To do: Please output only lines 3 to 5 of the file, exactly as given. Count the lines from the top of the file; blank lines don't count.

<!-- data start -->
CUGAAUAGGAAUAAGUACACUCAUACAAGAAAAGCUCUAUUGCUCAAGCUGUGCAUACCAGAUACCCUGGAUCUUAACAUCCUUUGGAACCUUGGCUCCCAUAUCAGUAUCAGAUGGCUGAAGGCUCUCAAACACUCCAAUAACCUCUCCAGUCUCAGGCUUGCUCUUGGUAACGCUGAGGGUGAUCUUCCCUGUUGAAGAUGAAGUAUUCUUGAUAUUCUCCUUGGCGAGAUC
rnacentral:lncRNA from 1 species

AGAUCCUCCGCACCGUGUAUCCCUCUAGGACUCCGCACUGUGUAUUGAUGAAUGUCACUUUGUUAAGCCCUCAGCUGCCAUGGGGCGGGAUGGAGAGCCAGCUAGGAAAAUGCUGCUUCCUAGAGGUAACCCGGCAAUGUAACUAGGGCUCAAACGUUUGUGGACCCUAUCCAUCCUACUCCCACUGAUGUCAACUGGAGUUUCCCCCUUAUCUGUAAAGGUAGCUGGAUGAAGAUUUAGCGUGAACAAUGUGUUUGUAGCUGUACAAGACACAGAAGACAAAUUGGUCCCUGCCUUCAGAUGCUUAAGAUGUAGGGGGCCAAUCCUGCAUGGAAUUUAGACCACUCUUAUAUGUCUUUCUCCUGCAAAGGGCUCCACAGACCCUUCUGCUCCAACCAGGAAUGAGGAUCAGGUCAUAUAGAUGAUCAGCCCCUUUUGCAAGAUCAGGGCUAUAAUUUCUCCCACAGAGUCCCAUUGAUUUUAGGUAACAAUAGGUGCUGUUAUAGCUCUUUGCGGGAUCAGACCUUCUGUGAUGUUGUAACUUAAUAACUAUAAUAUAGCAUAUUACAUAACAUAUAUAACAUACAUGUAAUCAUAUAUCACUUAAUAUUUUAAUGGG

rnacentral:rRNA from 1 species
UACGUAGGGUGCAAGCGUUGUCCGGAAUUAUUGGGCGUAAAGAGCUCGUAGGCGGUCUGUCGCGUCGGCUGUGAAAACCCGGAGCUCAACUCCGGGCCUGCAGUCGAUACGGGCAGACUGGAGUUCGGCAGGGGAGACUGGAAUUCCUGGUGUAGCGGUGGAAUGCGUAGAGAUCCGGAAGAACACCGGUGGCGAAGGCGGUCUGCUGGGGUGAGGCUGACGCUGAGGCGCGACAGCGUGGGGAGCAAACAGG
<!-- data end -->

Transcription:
AGAUCCUCCGCACCGUGUAUCCCUCUAGGACUCCGCACUGUGUAUUGAUGAAUGUCACUUUGUUAAGCCCUCAGCUGCCAUGGGGCGGGAUGGAGAGCCAGCUAGGAAAAUGCUGCUUCCUAGAGGUAACCCGGCAAUGUAACUAGGGCUCAAACGUUUGUGGACCCUAUCCAUCCUACUCCCACUGAUGUCAACUGGAGUUUCCCCCUUAUCUGUAAAGGUAGCUGGAUGAAGAUUUAGCGUGAACAAUGUGUUUGUAGCUGUACAAGACACAGAAGACAAAUUGGUCCCUGCCUUCAGAUGCUUAAGAUGUAGGGGGCCAAUCCUGCAUGGAAUUUAGACCACUCUUAUAUGUCUUUCUCCUGCAAAGGGCUCCACAGACCCUUCUGCUCCAACCAGGAAUGAGGAUCAGGUCAUAUAGAUGAUCAGCCCCUUUUGCAAGAUCAGGGCUAUAAUUUCUCCCACAGAGUCCCAUUGAUUUUAGGUAACAAUAGGUGCUGUUAUAGCUCUUUGCGGGAUCAGACCUUCUGUGAUGUUGUAACUUAAUAACUAUAAUAUAGCAUAUUACAUAACAUAUAUAACAUACAUGUAAUCAUAUAUCACUUAAUAUUUUAAUGGG

rnacentral:rRNA from 1 species
UACGUAGGGUGCAAGCGUUGUCCGGAAUUAUUGGGCGUAAAGAGCUCGUAGGCGGUCUGUCGCGUCGGCUGUGAAAACCCGGAGCUCAACUCCGGGCCUGCAGUCGAUACGGGCAGACUGGAGUUCGGCAGGGGAGACUGGAAUUCCUGGUGUAGCGGUGGAAUGCGUAGAGAUCCGGAAGAACACCGGUGGCGAAGGCGGUCUGCUGGGGUGAGGCUGACGCUGAGGCGCGACAGCGUGGGGAGCAAACAGG